It’s The Time Of The Rights Of Mother Earth
By Pablo Solón
07 April, 2012
Pablo Solón Blog
Victor Hugo, the author of Les Misérables, once wrote: “How sad to think that nature speaks and mankind doesn’t listen.”
Although we often forget it, human beings are a force in nature. In reality, we are all a product of the same Big Bang that created the universe, although some only see wood for the fire when they walk through the forest.
Nature is not a thing, a source of resources. Nature is a system, a home, and a community of living and interdependent beings.
Nature has rules that govern its integrity, interrelationships, reproduction and transformation.
States and society are not recognizing, respecting and making sure that the rules of nature prevail.
The philosopher Francis Bacon said that we cannot command nature except by obeying her. The time for superheroes and superpowers is coming to an end. Nature cannot be submitted to the wills of the laboratory. Science and technology are capable of everything including destroying the world itself.
It is time to stop and reaffirm the precautionary principle in the face of geo-engineering and all artificial manipulation of the climate. All new technologies should be evaluated to gauge their environmental, social and economic impacts. The answer for the future lies not in scientific inventions but in our capacity to listen to nature.
Green Economy is an attempt to put a price on the free services that plants, animals and ecosystems offer humanity: the purification of water, the pollination of plants by bees, the protection of coral reefs and climatic regulation.
For Green Economy, we have to identify the specific functions of ecosystems and biodiversity that can be made subject to a monetary value, evaluate their current state, define the limits of those services, and set out in economic terms the cost of their conservation to develop a market for environmental services.
For Green Economy, capitalism’s mistake is not having fully incorporated nature as part of capital. That is why its central proposal is to create “environmentally friendly business” and in that way limit environmental degradation by bringing the laws of capitalism to bear on nature.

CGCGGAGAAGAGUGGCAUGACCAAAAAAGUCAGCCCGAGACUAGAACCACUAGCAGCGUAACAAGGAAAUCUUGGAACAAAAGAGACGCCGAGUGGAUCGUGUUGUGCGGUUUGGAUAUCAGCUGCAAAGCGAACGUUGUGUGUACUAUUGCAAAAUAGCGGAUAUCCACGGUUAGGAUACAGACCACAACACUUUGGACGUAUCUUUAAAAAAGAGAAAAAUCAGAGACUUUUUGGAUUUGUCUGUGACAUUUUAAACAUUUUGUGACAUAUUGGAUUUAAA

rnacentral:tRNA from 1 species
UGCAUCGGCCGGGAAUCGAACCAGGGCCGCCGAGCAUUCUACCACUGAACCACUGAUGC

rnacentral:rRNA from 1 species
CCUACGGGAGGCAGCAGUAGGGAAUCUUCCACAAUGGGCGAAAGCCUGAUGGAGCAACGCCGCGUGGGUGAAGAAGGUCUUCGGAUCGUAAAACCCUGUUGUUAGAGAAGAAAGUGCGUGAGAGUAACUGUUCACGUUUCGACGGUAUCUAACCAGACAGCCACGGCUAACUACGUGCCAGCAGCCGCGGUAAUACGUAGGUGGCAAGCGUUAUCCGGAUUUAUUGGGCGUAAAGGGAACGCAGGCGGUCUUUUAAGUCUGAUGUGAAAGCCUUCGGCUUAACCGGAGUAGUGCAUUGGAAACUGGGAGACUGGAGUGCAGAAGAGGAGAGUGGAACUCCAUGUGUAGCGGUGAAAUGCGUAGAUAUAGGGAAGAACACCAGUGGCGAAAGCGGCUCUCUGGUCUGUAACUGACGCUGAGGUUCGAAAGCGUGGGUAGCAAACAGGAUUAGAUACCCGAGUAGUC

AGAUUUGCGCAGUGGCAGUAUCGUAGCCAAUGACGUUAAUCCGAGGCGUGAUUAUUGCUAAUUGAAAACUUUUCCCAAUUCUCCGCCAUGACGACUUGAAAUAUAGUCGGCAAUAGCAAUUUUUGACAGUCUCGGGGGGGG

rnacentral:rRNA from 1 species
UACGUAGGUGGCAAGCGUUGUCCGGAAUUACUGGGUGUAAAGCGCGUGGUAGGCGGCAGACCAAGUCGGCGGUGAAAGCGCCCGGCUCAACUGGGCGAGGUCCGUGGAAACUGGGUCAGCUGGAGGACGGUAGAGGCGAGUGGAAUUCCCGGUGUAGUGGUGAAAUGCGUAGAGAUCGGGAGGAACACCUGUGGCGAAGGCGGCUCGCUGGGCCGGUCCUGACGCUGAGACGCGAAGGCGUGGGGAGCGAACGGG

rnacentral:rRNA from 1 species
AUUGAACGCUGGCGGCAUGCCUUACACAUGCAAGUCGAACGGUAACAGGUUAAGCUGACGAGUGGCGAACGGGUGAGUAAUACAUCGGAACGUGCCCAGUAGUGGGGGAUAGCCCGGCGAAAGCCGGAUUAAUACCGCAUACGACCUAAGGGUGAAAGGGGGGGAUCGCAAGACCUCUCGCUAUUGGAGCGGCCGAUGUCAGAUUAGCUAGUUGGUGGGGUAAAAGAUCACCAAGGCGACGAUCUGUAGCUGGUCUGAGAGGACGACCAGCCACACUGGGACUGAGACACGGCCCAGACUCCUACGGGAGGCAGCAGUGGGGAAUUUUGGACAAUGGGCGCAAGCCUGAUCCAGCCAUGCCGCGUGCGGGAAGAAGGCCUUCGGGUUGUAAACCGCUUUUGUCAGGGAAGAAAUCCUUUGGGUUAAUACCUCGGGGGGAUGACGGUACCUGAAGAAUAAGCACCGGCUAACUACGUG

Green Economy is absolutely wrong and bad because it thinks that the transfusion of the rules of market will save nature.
Humanity finds itself at a crossroads: Why should we only respect the laws of human beings and not those of nature? Why do we call the person who kills his neighbor a criminal, but not he who extinguishes a species or contaminates a river? Why do we judge the life of human beings with parameters different from those that guide the life of the system as a whole if all of us, absolutely all of us, rely on the life of the Earth System?
Is there no contradiction in recognizing only the rights of the human part of this system while all the rest of the system is reduced to a source of resources and raw materials – in other words, a business opportunity?
To speak of equilibrium is to speak of rights for all parts of the system. It could be that these rights are not identical for all things, since not all things are equal. But to think that only humans should enjoy privileges while other living things are simply objects is the worst mistake humanity has ever made. Decades ago, to talk about slaves as having the same rights as everyone else seemed like the same heresy that it is now to talk about glaciers or rivers or trees as having rights.
Nature is ruthless when it goes ignored.
It is incredible that it is easier to imagine the destruction of nature than to dream about overthrowing capitalism.
Albert Einstein said, “The world is a dangerous place, not because of those who do evil, but because of those who look on and do nothing.” We can’t watch the destruction of Mother Earth and our selves. This is the time to begin to recognize the intrinsic laws of Nature. This is the time to respect and promote the rights of Mother Earth.
 Based on my speech as Permanent Representative of the Plurinational State of Bolivia to the United Nations, on the Occasion of the General Assembly Interactive Dialogue on Harmony with Nature, New York, April 20th, 2011.
Pablo Solón Romero served as Ambassador of the Plurinational State of Bolivia to the United Nations from February 2009 to July 2011. As Ambassador to the UN, Solón spearheaded successful resolutions on the Human Right to Water, International Mother Earth Day, Harmony with Nature, and the Rights of Indigenous Peoples. He was very active in climate change negotiations under the UNFCCC, and helped organize the World People's Conference on Climate Change in Cochabamba, Bolivia in 2010. Before becoming Ambassador to the United Nations, Pablo Solón Romero worked as an activist for many years with different social organizations, indigenous movements, workers’ unions, student associations, human rights and cultural organizations in Bolivia.
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